Welding is a potentially hazardous activity and precautions are required to avoid:
- fire and explosion
- electric shock
- vision damage
- inhalation of poisonous gases and fumes
- exposure to intense ultraviolet radiation.
As the PCBU you must manage the risks associated with:
- using, handling, generating or storing of hazardous chemicals, including ensuring that hazardous chemicals are correctly labelled and that workers can access current Safety Data Sheets. Workers' health should also be monitored.
- electrical equipment, including ensuring that any unsafe electrical equipment is disconnected from its electricity supply
- ignition sources in hazardous atmospheres - flammable or combustible substances are to be kept at the lowest practicable quantity
- musculoskeletal disorders related to hazardous manual tasks
- working in confined spaces, including entering, working in, on or in the vicinity of a confined space (including a risk of a person inadvertently entering a confined space).
You should consider and implement control measures such as:
- installing non-flammable screens and partitions
- using signs to warn that welding is occurring - if welding is being carried out, entry into the work area is not permitted unless safeguards are used
- providing Personal Protective Equipment (PPE), including filter shades for goggles, face shields to protect the eyes from radiation, and gloves and other protective clothing to cover exposed skin
- reducing exposure to fumes and gases.
You must ensure that:
- you provide any information, training, instruction and supervision necessary to protect all persons from risks (so far as is reasonably practicable)
- the information, training and instructions are suitable and adequate having regard to the nature of the work and the risks associated with the work
- the risk control measures, and the training and instruction being provided, are readily understandable
- no person is exposed to a substance or mixture in an airborne concentration that exceeds the exposure standard for the substance or mixture
- air monitoring is carried out to determine the airborne concentration of a substance or mixture to which an exposure standard applies
- work in extremes of heat or cold are able to be carried out without risk to health and safety
- noise levels do not exceed the exposure standards
- PPE is provided and selected by ensuring that the equipment is:
- suitable for the nature of the work and any hazard associated with the work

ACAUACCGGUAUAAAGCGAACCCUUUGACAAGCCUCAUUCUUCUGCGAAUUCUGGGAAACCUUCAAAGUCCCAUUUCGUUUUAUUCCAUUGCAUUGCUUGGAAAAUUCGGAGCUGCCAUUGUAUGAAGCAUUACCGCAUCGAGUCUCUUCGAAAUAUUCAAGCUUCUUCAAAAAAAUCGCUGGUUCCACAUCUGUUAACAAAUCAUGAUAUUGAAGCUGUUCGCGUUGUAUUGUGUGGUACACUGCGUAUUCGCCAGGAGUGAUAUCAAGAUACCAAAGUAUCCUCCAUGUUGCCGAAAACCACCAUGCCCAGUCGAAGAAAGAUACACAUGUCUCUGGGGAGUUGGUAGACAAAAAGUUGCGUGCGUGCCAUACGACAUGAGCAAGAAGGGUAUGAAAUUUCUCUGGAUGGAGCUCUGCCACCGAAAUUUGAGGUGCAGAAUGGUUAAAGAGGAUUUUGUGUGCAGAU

- a suitable size
- fit and comfortable
- maintained, repaired or replaced when required and used or worn by the worker.
PCBUs conducting welding activities you should refer to Welding processes - Code of Practice.
Radiation hazards emitted from electric arc and laser welding have the potential to cause eye disorders and skin burns such as 'arc eye' or 'welder's flash'.
Radiation from laser welding is less obvious than from electric welding arcs, but both are serious hazards. Workers directly involved in welding processes are at the greatest risk but other workers could also be exposed to harmful radiation.
Gasses and fumes
Cylinders of compressed and liquefied gases contain large volumes under high pressure. Precautions need to be taken when storing, handling and using cylinders.
The hazards associated with compressed and liquefied gases include fire, explosion, toxicity, asphyxiation, oxidisation and uncontrolled release of pressure. Leaking gas is usually recognised by odour. However, oxygen is odourless and potentially more hazardous.
If you are a PCBU that carries out lead processes, you must provide information about the lead process to a person who is likely to be carrying out the lead process, before they are engaged, and before they commence carrying out the lead process.
Review of processes
Workplaces and work environments can change as new hazards are introduced or when current hazards are eliminated.
Therefore you should regularly review your welding processes, in consultation with your workers and the Code, to ensure they remain adequate and effective in managing associated risks.
Breathe freely in welding - Breathe Freely Australia